With its world-renowned beaches and vibrant arts community, it comes as no surprise that Sarasota has earned a top spot in a new listing of the top places to live in the U.S. created by U.S. News & World Report.
The ranking is based on data drawn from a nationwide survey that measures a city's desirability, quality of life, job market and overall value. Described as a place with both “unique charm,” Sarasota was recognized for offering residents a chance to enjoy both fine dining and fancy resorts, as well as more intimate settings near the Gulf and famous St. Armands Circle and Siesta Key Village.
The article also covered the stereotype of the city as “a playground for retirees,” but recently Sarasota has seen itself welcoming more and more young residents and entrepreneurs.
Sarasota Mayor Erik Arroyo says he is ecstatic about the honor and says he is “laser-focused” on climbing the ranking to the top spot next year.
“With our dedicated city staff and engaged residents who are constantly seeking ways to shape and improve the quality of life in Sarasota, we’ve achieved these impressive rankings by U.S. News & World Report,” Arroyo says. “Lowering property taxes, implementing new policies to address affordable housing, introducing micro-mobility options to help reduce stress and traffic congestion, investing in water quality, replacing an aging utility system and moving toward environmental resiliency are among the thoughtful, intentional actions taken that have shaped Sarasota into the desirable community it is today.”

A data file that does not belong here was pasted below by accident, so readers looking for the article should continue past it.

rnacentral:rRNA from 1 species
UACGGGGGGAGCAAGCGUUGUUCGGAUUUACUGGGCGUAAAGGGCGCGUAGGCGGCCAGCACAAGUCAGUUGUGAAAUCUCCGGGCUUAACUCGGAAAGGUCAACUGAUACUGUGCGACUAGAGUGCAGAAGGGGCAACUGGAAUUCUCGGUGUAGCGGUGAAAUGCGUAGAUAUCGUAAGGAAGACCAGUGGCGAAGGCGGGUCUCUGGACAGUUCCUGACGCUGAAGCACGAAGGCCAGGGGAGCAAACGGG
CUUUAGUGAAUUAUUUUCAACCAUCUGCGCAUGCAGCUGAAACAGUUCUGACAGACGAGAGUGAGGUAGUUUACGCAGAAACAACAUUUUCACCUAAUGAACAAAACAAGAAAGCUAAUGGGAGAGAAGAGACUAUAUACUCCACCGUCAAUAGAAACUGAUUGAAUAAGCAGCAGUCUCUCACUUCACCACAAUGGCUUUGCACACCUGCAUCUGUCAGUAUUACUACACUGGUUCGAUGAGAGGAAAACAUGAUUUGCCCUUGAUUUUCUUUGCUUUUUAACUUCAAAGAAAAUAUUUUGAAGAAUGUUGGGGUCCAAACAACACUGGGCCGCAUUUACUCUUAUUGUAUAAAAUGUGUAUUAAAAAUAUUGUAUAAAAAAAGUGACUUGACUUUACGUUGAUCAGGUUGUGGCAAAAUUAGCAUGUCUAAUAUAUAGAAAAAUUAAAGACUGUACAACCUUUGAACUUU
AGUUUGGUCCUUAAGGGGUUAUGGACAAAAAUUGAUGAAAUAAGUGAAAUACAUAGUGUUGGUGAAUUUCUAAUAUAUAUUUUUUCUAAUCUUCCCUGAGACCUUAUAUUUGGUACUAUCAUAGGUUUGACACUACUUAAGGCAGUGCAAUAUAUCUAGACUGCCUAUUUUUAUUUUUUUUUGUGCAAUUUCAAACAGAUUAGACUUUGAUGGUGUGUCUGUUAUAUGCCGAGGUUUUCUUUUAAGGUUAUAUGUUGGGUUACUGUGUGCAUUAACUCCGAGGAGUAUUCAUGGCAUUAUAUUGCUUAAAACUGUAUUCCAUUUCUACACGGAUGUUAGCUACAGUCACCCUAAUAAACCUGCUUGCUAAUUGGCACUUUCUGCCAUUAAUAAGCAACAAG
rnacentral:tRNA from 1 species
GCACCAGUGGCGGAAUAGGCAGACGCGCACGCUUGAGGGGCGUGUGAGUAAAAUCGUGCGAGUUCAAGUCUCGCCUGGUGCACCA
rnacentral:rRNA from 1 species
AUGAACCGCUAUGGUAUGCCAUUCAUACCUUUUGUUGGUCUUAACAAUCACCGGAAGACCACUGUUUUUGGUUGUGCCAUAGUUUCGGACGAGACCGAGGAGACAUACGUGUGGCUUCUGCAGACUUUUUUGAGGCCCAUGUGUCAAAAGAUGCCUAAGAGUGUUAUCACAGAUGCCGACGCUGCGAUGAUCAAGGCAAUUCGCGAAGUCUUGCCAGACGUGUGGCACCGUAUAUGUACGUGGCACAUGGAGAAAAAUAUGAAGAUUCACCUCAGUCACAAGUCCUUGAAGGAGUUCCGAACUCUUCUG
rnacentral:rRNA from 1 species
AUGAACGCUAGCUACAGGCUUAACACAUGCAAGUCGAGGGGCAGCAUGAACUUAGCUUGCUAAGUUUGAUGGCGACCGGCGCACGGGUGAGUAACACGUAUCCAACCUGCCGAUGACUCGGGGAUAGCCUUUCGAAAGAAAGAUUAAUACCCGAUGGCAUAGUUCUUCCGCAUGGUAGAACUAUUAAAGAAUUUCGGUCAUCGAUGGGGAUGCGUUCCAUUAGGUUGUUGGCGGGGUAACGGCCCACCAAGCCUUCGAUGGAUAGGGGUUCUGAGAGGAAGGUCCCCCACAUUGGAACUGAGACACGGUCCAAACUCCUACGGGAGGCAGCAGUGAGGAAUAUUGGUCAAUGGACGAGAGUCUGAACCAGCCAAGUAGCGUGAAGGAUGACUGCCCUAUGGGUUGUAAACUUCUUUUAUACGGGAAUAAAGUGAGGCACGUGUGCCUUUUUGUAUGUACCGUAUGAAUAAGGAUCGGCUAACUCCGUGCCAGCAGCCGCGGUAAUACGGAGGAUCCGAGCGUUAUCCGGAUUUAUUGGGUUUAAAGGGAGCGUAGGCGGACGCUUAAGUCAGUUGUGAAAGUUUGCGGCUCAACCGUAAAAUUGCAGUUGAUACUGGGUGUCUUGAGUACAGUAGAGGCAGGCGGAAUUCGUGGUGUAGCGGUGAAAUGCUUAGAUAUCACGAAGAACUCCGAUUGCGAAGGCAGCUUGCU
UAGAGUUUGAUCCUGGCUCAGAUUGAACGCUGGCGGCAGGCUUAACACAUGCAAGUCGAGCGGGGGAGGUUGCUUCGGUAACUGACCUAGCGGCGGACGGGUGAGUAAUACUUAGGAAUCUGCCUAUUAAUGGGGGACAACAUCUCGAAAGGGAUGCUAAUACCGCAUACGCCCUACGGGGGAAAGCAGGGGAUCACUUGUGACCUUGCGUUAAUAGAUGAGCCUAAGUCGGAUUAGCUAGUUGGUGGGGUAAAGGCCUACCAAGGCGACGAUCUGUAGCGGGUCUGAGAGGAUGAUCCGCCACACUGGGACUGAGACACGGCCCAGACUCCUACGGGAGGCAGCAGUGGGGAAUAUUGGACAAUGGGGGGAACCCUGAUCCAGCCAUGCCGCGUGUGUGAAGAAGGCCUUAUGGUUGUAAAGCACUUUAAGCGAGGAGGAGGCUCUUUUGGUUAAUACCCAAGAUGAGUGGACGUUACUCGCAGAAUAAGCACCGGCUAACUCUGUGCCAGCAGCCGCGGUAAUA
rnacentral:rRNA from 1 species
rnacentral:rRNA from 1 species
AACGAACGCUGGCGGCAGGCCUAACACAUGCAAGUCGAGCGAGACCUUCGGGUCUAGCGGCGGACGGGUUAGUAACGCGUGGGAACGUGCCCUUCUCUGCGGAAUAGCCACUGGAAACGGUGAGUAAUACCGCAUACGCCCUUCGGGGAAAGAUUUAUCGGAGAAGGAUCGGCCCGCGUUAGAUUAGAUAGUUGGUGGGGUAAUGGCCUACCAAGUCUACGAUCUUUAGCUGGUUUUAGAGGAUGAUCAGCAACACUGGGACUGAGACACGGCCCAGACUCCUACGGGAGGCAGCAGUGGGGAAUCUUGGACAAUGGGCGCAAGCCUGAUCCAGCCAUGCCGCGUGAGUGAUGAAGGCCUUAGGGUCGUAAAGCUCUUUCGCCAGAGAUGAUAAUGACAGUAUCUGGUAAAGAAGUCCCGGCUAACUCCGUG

Of course, this is only one of several awards Sarasota has won over the last few years. Just this year, the city has also been named No. 1 “Best Place to Retire,” No. 1 “Best Place to Live in Florida,” No. 3 “Fastest Growing Places in the U.S.,” No. 7 Safest Places to Live in the U.S.” and No. 19 “Best Quality of Life in the U.S.”
The U.S. News ranking does point to the city's rising cost of living—in particular, expensive housing—as something that may concern prospective residents and young families looking to settle down here. Housing costs have risen 37 percent year over year, according to a report published by the Charles & Margery Barancik Foundation and the Gulf Coast Community Foundation.
The city commission on Monday approved some measures to encourage affordable housing, but it will take some time before results can be measured.
Sarasota City Commissioner Hagen Brody calls the new measures "robust" and "meaningful," adding that redevelopment projects will also likely lead to a more environmentally sustainable community. He says that while national recognition like that delivered by U.S. News & World Report is appreciated, focus needs to turn to locals who want to live closer to their place of work in the city.
"It boils down to whether Sarasota’s future is a vibrant and inclusive one that values everyone’s quality of life or one that continues down the problematic path of exclusion," says Brody. "With these changes, we’re choosing inclusion."